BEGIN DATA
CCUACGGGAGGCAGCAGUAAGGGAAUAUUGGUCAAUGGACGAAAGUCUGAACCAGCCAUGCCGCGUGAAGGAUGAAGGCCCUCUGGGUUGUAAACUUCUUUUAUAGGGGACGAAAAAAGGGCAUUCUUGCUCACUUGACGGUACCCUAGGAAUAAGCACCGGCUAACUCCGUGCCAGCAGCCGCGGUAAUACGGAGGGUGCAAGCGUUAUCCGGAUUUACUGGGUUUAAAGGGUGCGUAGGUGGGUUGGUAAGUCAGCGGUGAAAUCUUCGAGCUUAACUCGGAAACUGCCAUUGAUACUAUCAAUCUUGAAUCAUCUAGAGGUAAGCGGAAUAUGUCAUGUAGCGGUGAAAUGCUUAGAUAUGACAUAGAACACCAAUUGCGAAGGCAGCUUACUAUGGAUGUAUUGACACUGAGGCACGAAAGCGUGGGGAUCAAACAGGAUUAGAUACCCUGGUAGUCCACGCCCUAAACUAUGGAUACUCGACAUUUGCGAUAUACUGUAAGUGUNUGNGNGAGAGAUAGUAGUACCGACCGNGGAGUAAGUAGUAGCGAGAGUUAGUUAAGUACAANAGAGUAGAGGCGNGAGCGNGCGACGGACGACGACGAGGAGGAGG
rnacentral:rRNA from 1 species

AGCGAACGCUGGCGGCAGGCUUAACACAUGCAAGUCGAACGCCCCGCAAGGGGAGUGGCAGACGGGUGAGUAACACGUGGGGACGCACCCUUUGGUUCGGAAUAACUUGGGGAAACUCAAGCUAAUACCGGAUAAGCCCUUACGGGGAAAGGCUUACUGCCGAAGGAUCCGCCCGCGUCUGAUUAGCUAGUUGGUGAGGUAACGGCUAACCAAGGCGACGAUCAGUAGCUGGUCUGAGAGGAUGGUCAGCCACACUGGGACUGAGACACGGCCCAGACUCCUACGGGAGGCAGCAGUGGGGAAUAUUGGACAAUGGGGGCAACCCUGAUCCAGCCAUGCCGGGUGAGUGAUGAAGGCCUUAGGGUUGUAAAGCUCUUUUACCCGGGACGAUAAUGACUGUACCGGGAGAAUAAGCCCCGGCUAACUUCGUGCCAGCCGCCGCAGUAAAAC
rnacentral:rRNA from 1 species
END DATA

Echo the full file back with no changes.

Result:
CCUACGGGAGGCAGCAGUAAGGGAAUAUUGGUCAAUGGACGAAAGUCUGAACCAGCCAUGCCGCGUGAAGGAUGAAGGCCCUCUGGGUUGUAAACUUCUUUUAUAGGGGACGAAAAAAGGGCAUUCUUGCUCACUUGACGGUACCCUAGGAAUAAGCACCGGCUAACUCCGUGCCAGCAGCCGCGGUAAUACGGAGGGUGCAAGCGUUAUCCGGAUUUACUGGGUUUAAAGGGUGCGUAGGUGGGUUGGUAAGUCAGCGGUGAAAUCUUCGAGCUUAACUCGGAAACUGCCAUUGAUACUAUCAAUCUUGAAUCAUCUAGAGGUAAGCGGAAUAUGUCAUGUAGCGGUGAAAUGCUUAGAUAUGACAUAGAACACCAAUUGCGAAGGCAGCUUACUAUGGAUGUAUUGACACUGAGGCACGAAAGCGUGGGGAUCAAACAGGAUUAGAUACCCUGGUAGUCCACGCCCUAAACUAUGGAUACUCGACAUUUGCGAUAUACUGUAAGUGUNUGNGNGAGAGAUAGUAGUACCGACCGNGGAGUAAGUAGUAGCGAGAGUUAGUUAAGUACAANAGAGUAGAGGCGNGAGCGNGCGACGGACGACGACGAGGAGGAGG
rnacentral:rRNA from 1 species

AGCGAACGCUGGCGGCAGGCUUAACACAUGCAAGUCGAACGCCCCGCAAGGGGAGUGGCAGACGGGUGAGUAACACGUGGGGACGCACCCUUUGGUUCGGAAUAACUUGGGGAAACUCAAGCUAAUACCGGAUAAGCCCUUACGGGGAAAGGCUUACUGCCGAAGGAUCCGCCCGCGUCUGAUUAGCUAGUUGGUGAGGUAACGGCUAACCAAGGCGACGAUCAGUAGCUGGUCUGAGAGGAUGGUCAGCCACACUGGGACUGAGACACGGCCCAGACUCCUACGGGAGGCAGCAGUGGGGAAUAUUGGACAAUGGGGGCAACCCUGAUCCAGCCAUGCCGGGUGAGUGAUGAAGGCCUUAGGGUUGUAAAGCUCUUUUACCCGGGACGAUAAUGACUGUACCGGGAGAAUAAGCCCCGGCUAACUUCGUGCCAGCCGCCGCAGUAAAAC
rnacentral:rRNA from 1 species